The demographics of the crowd were incredibly mixed. Every once in a while, a Native American farmer in indigenous dress would pop through the fair grounds with their Terra Madre delegate badge on. At the same time, there were several hundred well-dressed Italians teetering around in high heels and purchasing bags of wine and olive oil – making me wonder if they actually ever thought twice about the ideology of Slow Food. The stark difference between the two groups was interesting.

I was also surprised to see Autogrill and Coop stands scattered amongst the other stands. I knew that the Coop supermarkets had initially started as small cooperative movements on the left, but they have certainly strayed far from that model. Autogrill, meanwhile, seems to exemplify the very nature of fast food.

Even when we left Salone del Gusto and headed back to our hostel, we still felt as if we were in that general atmosphere. Everyone staying with us was in the city for the same reasons we were. For example, I met a girl from North Carolina studying abroad in Dijon and compiling an independent research project on organic food regulations. Another one of my roommates graduated from the college that I’m attending right now ten years ago; she was in Torino visiting her sister who acts as a liaison between farmers and farmer’s market organizers. One girl had graduated college in the States and moved to Rwanda to help AIDS victims set up small, microfinance farming operations. Additionally, we met two chefs: one from Lecce who had previously traveled around Europe acting out in “Chef’s Theater” plays. The other was a Brazilian who was hopping around Europe and getting by working at restaurants all over the continent.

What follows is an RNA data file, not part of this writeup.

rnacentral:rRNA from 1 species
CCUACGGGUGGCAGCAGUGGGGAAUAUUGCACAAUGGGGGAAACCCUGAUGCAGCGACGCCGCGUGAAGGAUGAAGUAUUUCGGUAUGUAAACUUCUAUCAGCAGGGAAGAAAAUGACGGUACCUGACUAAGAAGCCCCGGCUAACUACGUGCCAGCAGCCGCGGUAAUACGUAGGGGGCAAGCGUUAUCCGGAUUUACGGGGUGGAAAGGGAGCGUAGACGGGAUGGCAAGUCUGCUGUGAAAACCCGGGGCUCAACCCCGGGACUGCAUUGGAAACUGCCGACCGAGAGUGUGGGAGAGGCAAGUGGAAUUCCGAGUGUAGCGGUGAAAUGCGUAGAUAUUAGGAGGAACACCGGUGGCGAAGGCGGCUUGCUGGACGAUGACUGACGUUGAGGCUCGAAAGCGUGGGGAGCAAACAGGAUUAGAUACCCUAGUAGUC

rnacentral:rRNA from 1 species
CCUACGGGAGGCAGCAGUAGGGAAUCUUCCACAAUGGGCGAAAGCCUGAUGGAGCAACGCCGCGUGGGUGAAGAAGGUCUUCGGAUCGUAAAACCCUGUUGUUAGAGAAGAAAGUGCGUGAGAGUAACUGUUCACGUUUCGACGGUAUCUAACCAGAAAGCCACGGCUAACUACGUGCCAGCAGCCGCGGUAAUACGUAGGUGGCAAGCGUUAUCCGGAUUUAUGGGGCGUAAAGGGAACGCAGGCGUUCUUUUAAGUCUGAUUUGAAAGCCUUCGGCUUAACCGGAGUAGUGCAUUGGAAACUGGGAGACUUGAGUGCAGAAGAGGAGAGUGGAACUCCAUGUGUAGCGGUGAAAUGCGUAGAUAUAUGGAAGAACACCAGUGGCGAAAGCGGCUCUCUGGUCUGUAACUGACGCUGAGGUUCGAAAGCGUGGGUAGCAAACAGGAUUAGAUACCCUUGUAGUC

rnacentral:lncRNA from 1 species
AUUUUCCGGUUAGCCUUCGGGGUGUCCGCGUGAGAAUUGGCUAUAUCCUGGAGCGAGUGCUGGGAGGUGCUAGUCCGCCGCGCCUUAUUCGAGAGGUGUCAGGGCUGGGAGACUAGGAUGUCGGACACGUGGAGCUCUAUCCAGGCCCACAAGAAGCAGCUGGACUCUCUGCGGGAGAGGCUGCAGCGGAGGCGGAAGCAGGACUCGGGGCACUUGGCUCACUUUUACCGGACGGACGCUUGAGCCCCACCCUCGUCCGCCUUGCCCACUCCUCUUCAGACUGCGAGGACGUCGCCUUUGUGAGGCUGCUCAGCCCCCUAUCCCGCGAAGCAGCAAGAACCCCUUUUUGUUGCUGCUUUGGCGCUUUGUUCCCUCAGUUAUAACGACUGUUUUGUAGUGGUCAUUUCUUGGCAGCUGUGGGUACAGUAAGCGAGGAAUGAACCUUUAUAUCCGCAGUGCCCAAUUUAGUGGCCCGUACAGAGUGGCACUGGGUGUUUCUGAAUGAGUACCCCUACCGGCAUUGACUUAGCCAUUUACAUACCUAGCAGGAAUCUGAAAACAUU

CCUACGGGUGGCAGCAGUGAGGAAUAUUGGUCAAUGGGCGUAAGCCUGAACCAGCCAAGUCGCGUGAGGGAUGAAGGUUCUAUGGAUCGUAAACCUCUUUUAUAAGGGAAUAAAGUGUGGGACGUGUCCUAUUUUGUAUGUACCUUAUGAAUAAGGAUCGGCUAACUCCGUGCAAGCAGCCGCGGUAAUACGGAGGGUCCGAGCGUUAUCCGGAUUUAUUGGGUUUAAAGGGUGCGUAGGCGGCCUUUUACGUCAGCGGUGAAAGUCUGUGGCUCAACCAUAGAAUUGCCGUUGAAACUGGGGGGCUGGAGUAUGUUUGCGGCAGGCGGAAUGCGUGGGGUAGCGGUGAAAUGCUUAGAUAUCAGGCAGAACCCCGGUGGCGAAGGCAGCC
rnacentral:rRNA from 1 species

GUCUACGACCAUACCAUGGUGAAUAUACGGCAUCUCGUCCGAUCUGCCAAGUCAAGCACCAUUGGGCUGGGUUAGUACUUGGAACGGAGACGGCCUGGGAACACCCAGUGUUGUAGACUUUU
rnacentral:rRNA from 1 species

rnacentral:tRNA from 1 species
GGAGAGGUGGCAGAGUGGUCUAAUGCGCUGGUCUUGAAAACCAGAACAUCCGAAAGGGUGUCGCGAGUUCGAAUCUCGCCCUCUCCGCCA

As we all stayed up that night talking, I realized that there was a strong and diverse community of people dedicated to bettering the global food system.

Nov 282010
 

In a recent gastronomic insert of the Corriere dell’Umbria (16 Nov 2010, p.15),  there is an article called “Regina d’autunno dal bosco alla tavola” (Queen of Autumn from the Woods to the Table), which discusses ways to cook chestnuts. The author, Agnese Priorelli, underlines that chestnuts have been used for food since time immemorial, and mentions their use in many traditional dishes.

After these “historical” comments, Priorelli gives two recipes, one from the Gambero Rosso, a Slow Food publication: Duck Paté with Chestnuts. The recipe calls for duck breast, chestnuts, chicken livers, laurel leaves, onion, garlic, butter, pancetta (like bacon), white wine, olive oil, salt, and pepper. Though nowhere in the text is this recipe called “traditional,” the tone of the article (and, in fact, of the whole gastronomy insert) and the fact that the recipe is from a Slow Food cookbook, implies that this is a recipe that could have been eaten centuries ago.